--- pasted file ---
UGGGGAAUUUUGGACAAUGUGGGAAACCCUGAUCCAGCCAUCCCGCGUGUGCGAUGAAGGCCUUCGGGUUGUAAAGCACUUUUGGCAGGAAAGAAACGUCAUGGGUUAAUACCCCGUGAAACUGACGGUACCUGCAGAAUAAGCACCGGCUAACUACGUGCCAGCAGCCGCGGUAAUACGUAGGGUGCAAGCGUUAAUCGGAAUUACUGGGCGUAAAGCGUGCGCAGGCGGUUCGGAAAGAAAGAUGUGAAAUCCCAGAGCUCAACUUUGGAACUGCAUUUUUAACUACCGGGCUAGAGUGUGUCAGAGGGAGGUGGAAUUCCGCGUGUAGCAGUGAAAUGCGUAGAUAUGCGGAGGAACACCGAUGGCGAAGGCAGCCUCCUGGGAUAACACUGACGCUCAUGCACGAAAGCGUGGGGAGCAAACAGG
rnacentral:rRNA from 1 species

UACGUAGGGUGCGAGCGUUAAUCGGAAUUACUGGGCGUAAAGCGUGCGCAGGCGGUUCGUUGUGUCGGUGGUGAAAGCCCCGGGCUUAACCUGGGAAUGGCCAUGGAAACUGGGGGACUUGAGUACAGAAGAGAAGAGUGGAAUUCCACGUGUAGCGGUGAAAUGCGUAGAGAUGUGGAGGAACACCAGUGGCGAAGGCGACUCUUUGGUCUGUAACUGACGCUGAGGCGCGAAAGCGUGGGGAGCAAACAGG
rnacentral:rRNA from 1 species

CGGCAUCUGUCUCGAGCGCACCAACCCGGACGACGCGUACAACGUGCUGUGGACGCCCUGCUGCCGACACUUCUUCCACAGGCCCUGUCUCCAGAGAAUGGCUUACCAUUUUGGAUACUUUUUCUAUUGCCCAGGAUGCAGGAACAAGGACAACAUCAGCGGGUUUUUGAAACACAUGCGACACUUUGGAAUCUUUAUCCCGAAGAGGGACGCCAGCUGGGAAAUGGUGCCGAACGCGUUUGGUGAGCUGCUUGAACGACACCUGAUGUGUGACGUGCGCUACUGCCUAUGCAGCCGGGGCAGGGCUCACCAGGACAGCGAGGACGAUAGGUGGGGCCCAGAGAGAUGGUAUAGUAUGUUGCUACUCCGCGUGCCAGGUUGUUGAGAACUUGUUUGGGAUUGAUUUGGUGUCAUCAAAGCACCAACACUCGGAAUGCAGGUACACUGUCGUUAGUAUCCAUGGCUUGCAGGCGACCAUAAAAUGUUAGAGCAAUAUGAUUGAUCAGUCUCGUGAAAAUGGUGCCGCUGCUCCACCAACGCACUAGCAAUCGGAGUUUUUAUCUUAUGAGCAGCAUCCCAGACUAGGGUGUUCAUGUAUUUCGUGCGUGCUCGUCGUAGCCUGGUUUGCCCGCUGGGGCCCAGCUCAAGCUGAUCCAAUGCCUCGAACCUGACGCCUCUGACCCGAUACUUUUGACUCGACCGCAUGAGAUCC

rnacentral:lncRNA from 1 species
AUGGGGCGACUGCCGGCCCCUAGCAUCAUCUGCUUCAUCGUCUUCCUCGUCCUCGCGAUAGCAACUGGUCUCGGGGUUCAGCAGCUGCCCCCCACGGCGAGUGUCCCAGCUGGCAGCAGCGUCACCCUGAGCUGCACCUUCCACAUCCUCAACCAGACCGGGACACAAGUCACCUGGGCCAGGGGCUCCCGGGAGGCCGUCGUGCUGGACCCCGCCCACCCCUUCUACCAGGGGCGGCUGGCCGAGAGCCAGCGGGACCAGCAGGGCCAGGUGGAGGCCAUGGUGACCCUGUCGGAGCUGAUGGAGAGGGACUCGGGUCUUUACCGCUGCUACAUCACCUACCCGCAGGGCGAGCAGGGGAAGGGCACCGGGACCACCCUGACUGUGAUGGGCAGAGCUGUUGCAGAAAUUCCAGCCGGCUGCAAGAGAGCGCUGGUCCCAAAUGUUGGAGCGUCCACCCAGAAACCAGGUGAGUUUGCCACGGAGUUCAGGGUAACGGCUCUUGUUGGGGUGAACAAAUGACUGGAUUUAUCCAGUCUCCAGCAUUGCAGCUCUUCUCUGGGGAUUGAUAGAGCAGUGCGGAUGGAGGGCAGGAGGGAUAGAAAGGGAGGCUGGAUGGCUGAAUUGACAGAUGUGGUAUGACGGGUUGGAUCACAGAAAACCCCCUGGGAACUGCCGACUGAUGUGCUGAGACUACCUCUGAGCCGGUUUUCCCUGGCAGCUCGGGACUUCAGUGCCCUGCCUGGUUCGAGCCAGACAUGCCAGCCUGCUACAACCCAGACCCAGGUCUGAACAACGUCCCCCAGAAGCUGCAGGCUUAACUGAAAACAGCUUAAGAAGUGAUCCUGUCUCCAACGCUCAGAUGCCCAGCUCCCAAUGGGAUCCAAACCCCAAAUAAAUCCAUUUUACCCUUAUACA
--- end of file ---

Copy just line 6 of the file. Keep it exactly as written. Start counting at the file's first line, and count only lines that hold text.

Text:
rnacentral:lncRNA from 1 species